I recently attended a training course which, as corporate events normally do, started with an ice-breaker. Every attendee had to stand up, one by one, and declare to the roomful of colleagues something quirky, or unusual, about himself.
When it came to my turn, I stood up, declared my generalities and team and confessed “I’ve never been to New York. But I’ve recently spent two days in Kyzyl-Orda and Aktobe”.
Silence around the room. I was stared at as if I’d just admitted that I liked sleeping hanging from the ceiling head first as a way to reduce hair loss.
“Kazakhstan”, I then suggested. “Central Asia”, I tried.
No dice. I exhaled and fell back into my own chair, like Dumas’ characters seemingly did every other second.
Hungarians have a saying that’s just the business for Kyzyl-Orda. Az Isten háta mögött. Behind God’s back.
And it certainly feels to be sitting behind the Almighty’s shoulders. But when you’re in a country as big as Western Europe but with 3% of the population, it’s somehow inevitable. Still, the Jaxartes flows leisurely past you. Less than 20% of its inflow will eventually reach the North Aral Sea. It was 0% not long ago.
You’re bound there. But when you’re in a place as big as Western Europe, things take time. It’s 500 km from the bank of the river to your destination.
Better enjoy the place whilst you’re waiting. Join in the locals.
There’s so much time. On your map this leg of the journey is as big as your thumb’s nail. The distance from Astana is longer than your index. And you’ve big hands. Larger than Western Europe.
This is Russia’s Space Country. Gagarin left Earth a mere 300 km from here. Soyuz still lands in the bit of steppe between here and Zhezqazghan. 400 km of steppe is a pretty large landing strip.
There’s so much time. Enough to sit and wait for the amusement park to open at dusk. No one’s around earlier, when it’s 38C. No one but the guy who’s never been to New York, that is.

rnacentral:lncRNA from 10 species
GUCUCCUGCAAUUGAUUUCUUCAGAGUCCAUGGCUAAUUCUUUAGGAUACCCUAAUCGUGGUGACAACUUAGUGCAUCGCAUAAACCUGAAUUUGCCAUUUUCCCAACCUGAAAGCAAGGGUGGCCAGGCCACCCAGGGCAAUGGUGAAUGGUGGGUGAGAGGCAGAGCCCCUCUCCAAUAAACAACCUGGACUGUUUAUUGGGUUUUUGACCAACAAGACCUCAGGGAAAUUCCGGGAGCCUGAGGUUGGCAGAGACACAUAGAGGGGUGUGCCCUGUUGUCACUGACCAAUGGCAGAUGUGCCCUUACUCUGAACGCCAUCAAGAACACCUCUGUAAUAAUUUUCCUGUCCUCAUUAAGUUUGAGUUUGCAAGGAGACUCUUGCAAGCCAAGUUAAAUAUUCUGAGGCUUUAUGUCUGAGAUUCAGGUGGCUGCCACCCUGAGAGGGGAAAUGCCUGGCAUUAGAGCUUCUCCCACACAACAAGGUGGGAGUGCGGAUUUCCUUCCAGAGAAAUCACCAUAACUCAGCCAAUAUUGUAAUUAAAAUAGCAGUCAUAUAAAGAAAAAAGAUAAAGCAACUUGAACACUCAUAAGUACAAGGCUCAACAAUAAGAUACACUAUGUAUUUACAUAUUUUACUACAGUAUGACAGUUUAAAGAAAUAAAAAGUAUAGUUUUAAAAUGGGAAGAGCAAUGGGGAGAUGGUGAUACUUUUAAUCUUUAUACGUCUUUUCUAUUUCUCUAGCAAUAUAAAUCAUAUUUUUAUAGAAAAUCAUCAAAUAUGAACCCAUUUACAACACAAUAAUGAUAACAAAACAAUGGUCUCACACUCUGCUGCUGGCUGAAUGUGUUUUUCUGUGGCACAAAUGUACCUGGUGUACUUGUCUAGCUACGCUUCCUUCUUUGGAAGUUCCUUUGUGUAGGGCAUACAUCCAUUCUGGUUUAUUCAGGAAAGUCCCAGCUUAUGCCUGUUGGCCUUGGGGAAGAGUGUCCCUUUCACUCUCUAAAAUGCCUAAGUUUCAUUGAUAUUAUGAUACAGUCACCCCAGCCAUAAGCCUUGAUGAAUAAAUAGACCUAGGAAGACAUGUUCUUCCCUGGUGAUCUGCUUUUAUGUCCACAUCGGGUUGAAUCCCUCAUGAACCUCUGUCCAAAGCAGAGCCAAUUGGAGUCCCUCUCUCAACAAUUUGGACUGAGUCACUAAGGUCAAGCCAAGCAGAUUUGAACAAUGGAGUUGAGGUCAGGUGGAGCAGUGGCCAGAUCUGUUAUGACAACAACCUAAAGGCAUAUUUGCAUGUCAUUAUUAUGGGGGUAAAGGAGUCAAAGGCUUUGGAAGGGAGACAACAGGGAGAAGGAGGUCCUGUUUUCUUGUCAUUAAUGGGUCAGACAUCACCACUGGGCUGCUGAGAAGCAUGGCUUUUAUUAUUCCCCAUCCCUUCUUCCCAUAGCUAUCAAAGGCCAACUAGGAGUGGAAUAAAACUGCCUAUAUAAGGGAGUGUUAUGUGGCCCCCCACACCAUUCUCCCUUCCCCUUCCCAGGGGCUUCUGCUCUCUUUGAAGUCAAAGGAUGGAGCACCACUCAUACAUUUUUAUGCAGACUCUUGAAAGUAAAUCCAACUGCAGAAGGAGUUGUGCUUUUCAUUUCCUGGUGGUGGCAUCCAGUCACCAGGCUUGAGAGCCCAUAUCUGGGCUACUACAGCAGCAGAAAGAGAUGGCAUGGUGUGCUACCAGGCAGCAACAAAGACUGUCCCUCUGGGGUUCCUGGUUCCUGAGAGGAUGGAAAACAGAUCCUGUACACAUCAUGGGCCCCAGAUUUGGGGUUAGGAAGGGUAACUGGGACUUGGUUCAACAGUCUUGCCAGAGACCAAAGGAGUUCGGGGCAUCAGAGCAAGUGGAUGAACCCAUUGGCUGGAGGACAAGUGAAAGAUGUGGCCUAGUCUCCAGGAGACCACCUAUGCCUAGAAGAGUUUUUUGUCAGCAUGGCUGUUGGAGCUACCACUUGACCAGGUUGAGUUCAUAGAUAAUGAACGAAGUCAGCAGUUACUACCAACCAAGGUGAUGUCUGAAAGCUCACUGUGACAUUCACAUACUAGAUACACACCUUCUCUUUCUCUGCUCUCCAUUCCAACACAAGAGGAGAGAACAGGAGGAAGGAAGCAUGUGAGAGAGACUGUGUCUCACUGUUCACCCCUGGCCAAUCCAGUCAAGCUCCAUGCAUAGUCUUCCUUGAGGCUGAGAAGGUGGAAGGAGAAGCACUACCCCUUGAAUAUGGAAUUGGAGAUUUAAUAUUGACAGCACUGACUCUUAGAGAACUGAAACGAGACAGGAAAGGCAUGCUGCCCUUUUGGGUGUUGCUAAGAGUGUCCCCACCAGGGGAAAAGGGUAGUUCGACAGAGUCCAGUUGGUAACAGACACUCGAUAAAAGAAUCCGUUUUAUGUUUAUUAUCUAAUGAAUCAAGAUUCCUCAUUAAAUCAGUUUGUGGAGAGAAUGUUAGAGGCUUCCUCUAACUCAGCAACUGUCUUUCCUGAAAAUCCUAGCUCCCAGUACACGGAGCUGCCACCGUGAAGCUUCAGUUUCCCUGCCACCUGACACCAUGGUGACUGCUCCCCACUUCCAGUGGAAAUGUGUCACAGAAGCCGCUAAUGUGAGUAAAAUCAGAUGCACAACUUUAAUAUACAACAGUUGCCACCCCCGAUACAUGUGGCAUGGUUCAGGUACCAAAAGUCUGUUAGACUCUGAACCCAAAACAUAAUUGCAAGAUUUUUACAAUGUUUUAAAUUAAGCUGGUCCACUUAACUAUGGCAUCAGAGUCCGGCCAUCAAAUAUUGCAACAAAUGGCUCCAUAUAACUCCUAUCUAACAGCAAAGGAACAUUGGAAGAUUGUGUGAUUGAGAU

This is still Genghis Khan country. Today they’re soft drinks kiosks, 700 years ago they regurgitated horsemen bound to destroy Merv and scare Europe gutless.
The station is the fulcrum of this city, or so it seemed at night. But, yet again, there’s time for that.
I used to pore over maps of the old Soviet Union, reading mysterious names. Akademgorodok. Anadyr. Baikonur. Semipalatinsk. Kyzyl-Orda. They exist.
Sixteen hours of train, 1000 km lie between Kyzyl-Orda and Aktobe. A tad less than London to Berlin. Frisco to Vegas.
Aktobe, previously known as Aktyubinsk, feels a lot closer to home, and it’s not just because it’s an hour closer.
One in five is an ethnic Russian. I see fair-headed men, women and children walking, playing, talking and flirting with the almond-eyed Kazakhs. People no longer stop me to ask if I’m Turkish. Perhaps they only think it.
It’s not just the comfort of familiar lineaments. A Burger King does a brisk business and offers free Wi-Fi. I find I cannot resist the luxury of a menu with pictures.
Children mess about on a swing outside the mosque. A wedding is in full swing. Sun sets over a warm (35C) but breezy day. A plane roars in the sky, Astana-bound. Tomorrow I’ll be on it. Never been to New York, but I’ve seen Kyzyl – Orda and Aktobe.